ICT Regulation in 2020: What to expect? An Aphaia Perspective

ICT regulation 2020

 

Aphaias Managing Partner Bostjan Makarovic and Partner Cristina Contero Almagro weigh in on ICT regulation in 2019 and offer their predictions and hopes for 2020.

 

To say it has been an eventful 2019 for data protection, ICT Governance and ePrivacyspecifically within the EU and United Kingdomwould be an understatement. Indeed, with 2019 being the first full year with the GDPR, it proved to be a year of lessons, policy implementations, new developments, court rulings and fines all centred on honouring the privacy and rights of individuals in todays highly technical, online based era. In fact, Privacy Affairs reports a total of 150 fines totaling 103,852,871 for the year, with a 50 million sanction on Google being the largest fine of the year.

 

So, with 2019 winding down to give way to 2020, we sat down with Aphaias Managing Partner Bostjan Makarovic and Aphaia Partner Cristina Contero Almagro for their professional insights on the year passed and their expectations and projections for 2020.

 

From a data protection and AI ethics standpoint How would you describe 2019? What would you pinpoint as two of the most impactful occurrences in regards to ICT regulation in the year just past?

 

Bostjan: 2019 has been the year when the topic of AI seems to have found a special place in the EU’s regulatory landscape. In addition, important new practical questions on the intersection of privacy and AI regulation have emerged, say in relation to smart billboards.

 

Cristina: AI Ethics standpoint: I would say 2019 has been a turning year. On 8 April 2019, the High-Level Expert Group on AI presented their Ethics Guidelines for Trustworthy Artificial Intelligence, which was part of a series of four documents. In April we also became members of the European AI Alliance, a multi-stakeholder forum for engaging in a broad and open discussion of all aspects of AI development and its impact on the economy and society, which allows us to interact with the AI-HLEG. The first AI Assembly took place on 26th June in Brussels and we were invited to attend, so we did. The Policy and Investment Recommendations on AI and the piloting process of the AI Ethics Guidelines were launched at this event. This year has also been the year of our YouTube channel, and we hope to keep working on our vlogs during 2020.

 

Data protection standpoint: 2019 has been the first whole year with the GDPR, as it started to apply in May 2018. We have been able to learn from the fines and the guidelines launched both from Member States DPAs and EU bodies, as the EDPB. One of the most expected event of this year was the publication of the cookies guidance from DPAs (ICO in UK, AEPD in Spain, CNIL in France, etc.), although we will still have to wait for the new ePrivacy Regulation.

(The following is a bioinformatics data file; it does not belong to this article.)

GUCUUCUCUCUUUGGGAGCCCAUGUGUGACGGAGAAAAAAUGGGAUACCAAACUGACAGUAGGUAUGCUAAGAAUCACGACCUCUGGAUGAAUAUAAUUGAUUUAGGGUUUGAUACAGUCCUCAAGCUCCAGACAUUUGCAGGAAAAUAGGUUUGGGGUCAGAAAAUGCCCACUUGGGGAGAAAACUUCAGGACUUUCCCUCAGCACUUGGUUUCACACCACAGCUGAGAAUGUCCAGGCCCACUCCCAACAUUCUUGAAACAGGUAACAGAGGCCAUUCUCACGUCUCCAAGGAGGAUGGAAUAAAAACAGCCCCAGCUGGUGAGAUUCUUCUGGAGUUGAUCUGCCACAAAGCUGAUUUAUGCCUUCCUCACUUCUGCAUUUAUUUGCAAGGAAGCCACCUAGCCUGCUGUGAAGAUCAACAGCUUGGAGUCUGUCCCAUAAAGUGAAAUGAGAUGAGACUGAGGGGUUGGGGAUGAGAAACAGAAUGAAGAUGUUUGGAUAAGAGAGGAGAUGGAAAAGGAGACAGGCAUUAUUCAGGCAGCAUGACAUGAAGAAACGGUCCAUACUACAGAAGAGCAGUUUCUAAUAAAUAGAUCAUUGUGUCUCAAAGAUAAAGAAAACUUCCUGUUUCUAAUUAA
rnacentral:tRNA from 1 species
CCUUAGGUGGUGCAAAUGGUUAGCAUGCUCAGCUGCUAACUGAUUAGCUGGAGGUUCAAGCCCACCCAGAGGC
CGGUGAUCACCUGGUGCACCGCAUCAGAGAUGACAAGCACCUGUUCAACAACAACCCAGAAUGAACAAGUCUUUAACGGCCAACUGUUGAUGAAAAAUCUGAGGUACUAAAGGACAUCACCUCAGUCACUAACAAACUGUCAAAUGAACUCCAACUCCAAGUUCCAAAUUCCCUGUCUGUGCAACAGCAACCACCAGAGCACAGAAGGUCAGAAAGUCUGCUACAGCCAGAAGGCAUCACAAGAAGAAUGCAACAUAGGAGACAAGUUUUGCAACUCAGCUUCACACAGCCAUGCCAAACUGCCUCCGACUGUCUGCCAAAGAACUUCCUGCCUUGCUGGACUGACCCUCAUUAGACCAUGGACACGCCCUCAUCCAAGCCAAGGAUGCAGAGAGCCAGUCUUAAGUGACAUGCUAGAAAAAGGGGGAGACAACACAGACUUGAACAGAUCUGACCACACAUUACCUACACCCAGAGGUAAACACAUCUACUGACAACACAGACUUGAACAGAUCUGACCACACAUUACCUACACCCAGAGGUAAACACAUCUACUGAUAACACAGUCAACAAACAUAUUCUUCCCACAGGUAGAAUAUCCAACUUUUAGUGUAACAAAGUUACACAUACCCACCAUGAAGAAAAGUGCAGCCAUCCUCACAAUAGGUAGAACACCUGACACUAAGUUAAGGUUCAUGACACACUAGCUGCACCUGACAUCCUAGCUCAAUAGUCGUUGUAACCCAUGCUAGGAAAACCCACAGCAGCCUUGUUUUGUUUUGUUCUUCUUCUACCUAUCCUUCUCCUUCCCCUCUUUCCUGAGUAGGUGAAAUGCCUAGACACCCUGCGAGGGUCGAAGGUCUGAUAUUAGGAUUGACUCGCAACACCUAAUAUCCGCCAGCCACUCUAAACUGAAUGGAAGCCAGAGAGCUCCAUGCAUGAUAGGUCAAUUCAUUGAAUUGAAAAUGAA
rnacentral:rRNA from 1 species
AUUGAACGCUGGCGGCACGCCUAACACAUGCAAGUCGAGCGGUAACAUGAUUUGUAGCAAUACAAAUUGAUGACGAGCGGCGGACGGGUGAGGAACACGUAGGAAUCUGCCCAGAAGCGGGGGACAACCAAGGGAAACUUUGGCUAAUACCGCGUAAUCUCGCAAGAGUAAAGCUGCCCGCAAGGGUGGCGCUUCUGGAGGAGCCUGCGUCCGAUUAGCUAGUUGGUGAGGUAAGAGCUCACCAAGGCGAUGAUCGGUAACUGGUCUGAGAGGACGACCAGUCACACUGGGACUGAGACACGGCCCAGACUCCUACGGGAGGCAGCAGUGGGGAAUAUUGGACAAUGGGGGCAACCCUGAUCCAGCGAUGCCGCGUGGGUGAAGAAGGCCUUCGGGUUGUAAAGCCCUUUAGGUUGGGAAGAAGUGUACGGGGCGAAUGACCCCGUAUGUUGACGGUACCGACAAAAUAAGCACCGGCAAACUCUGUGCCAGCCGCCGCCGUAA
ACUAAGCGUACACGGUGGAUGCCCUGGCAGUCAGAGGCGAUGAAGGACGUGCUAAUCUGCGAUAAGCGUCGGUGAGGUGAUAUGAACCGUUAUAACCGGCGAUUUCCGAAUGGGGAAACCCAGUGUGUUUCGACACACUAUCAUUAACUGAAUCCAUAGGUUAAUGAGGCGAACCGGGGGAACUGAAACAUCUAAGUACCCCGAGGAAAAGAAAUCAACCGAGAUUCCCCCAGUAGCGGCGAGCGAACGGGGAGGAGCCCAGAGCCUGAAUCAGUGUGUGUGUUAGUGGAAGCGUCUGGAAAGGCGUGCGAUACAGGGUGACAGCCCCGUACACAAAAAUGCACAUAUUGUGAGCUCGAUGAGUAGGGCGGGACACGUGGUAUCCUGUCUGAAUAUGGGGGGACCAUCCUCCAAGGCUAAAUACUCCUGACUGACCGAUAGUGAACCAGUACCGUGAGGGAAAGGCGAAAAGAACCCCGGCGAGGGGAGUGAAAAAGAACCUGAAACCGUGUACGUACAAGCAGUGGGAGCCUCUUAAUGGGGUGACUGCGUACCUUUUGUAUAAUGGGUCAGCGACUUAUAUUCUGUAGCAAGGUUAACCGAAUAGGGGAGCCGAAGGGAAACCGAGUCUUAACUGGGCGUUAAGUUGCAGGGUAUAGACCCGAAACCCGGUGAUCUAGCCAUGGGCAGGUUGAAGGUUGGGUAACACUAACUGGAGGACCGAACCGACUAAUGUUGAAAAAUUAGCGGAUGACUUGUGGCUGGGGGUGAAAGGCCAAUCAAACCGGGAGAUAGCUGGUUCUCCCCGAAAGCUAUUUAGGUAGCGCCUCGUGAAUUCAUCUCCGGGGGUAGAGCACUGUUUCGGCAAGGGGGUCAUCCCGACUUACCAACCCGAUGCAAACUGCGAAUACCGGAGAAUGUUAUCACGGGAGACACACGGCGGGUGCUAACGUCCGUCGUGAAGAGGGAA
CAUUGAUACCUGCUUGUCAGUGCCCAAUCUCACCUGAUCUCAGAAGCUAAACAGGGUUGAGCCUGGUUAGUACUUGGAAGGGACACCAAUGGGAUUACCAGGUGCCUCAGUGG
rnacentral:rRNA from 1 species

As we look ahead to 2020, from your analysis what are some expectations? Do you foresee any changes or implementations that would be have a big effect on the way businesses operate?

 

Cristina: I personally hope that EU Guidelines rise awareness of the importance of ethics, and that this addresses the approval of code of conducts for the industry. We also expect a revised ePrivacy Regulation proposal as part of the forthcoming EU Croatian Presidency. 

 

It would be also great to see how 2020 becomes the year of 5G, as it will definitely impact the way we do businesses, and our lives as such, plus it is closely linked to data protection and AI Ethics. There is a lot of work to do there. It is challenging and we are looking forward to this becoming a reality. Smart cities, self-driving cars, AR… there is a whole world outside waiting for 5G!

 

We cannot forget about Brexit, that may severely impact data protection and AI ethics across Europe.

 

Bostjan: In the second half of 2020, the new European Electronic Communications Code (EECC) will directly affect both communications services and telecoms infrastructure providers across the EU. I am also wondering whether in 2020 European Commission might seriously start looking into the possibility of a mandatory regulatory framework for AI, in addition to that of GDPR.

 

 

What advice would you give to online businesses and companies utilizing AI to ensure they get on top of the changes coming in 2020?

 

Cristina: With no doubtsThey should contact Aphaia! (just kidding). What I would advise that they look at the past and hear their customers. Look at the past because, with the example of GDPR for instance, it is easy to see how costly not doing the right thing from the beginning is, and hearing their customers, because the audience is demanding trustworthy AI, and they may not see a negative impact of not providing it for now, but it is just a matter of time, ‘adapt or die’.

 

 

Bostjan: As Cristina pointed out, getting timely compliance advice is crucial. GDPR requirement for ‘data protection by design and by default’ already requires businesses to look into privacy matters at the point of the development of the product, not once it has been finalised or even launched. In the second half of 2020, many online businesses providing voice, chat or messaging platforms will also need to ensure they comply with the EECC.

 

 

Do you need assistance in ICT policy or regulation? Aphaia provides  GDPR and UK Data Protection Act 2018 consultancy services, data protection impact assessments,  Data Protection Officer outsourcing , AI ethics assessments and telecoms policy and regulation consultancy services.

 

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